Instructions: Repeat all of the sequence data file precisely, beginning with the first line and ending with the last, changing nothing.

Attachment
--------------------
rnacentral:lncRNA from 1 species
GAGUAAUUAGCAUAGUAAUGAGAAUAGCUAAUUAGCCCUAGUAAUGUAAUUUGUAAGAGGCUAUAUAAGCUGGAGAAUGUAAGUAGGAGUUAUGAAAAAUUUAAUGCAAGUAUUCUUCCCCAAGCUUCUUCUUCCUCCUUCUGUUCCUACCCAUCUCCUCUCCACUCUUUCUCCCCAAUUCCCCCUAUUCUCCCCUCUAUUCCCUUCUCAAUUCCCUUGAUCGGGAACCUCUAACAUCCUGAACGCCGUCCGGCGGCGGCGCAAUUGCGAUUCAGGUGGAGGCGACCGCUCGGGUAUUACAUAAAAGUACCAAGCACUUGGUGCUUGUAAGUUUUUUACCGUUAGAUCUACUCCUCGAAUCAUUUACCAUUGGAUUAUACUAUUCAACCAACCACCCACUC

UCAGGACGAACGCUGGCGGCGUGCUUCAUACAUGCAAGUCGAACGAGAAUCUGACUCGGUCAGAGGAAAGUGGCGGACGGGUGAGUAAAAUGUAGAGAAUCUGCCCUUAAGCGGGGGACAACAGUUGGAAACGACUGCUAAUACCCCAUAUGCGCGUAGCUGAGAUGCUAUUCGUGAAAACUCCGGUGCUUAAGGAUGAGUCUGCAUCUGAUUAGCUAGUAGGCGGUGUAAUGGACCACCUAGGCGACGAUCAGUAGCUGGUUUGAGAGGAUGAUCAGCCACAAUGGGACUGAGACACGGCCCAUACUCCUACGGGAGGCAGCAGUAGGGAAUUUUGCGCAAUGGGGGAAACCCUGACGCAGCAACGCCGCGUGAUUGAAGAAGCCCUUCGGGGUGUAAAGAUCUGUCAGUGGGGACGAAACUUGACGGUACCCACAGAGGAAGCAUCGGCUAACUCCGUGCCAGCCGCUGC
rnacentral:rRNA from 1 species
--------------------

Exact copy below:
rnacentral:lncRNA from 1 species
GAGUAAUUAGCAUAGUAAUGAGAAUAGCUAAUUAGCCCUAGUAAUGUAAUUUGUAAGAGGCUAUAUAAGCUGGAGAAUGUAAGUAGGAGUUAUGAAAAAUUUAAUGCAAGUAUUCUUCCCCAAGCUUCUUCUUCCUCCUUCUGUUCCUACCCAUCUCCUCUCCACUCUUUCUCCCCAAUUCCCCCUAUUCUCCCCUCUAUUCCCUUCUCAAUUCCCUUGAUCGGGAACCUCUAACAUCCUGAACGCCGUCCGGCGGCGGCGCAAUUGCGAUUCAGGUGGAGGCGACCGCUCGGGUAUUACAUAAAAGUACCAAGCACUUGGUGCUUGUAAGUUUUUUACCGUUAGAUCUACUCCUCGAAUCAUUUACCAUUGGAUUAUACUAUUCAACCAACCACCCACUC

UCAGGACGAACGCUGGCGGCGUGCUUCAUACAUGCAAGUCGAACGAGAAUCUGACUCGGUCAGAGGAAAGUGGCGGACGGGUGAGUAAAAUGUAGAGAAUCUGCCCUUAAGCGGGGGACAACAGUUGGAAACGACUGCUAAUACCCCAUAUGCGCGUAGCUGAGAUGCUAUUCGUGAAAACUCCGGUGCUUAAGGAUGAGUCUGCAUCUGAUUAGCUAGUAGGCGGUGUAAUGGACCACCUAGGCGACGAUCAGUAGCUGGUUUGAGAGGAUGAUCAGCCACAAUGGGACUGAGACACGGCCCAUACUCCUACGGGAGGCAGCAGUAGGGAAUUUUGCGCAAUGGGGGAAACCCUGACGCAGCAACGCCGCGUGAUUGAAGAAGCCCUUCGGGGUGUAAAGAUCUGUCAGUGGGGACGAAACUUGACGGUACCCACAGAGGAAGCAUCGGCUAACUCCGUGCCAGCCGCUGC
rnacentral:rRNA from 1 species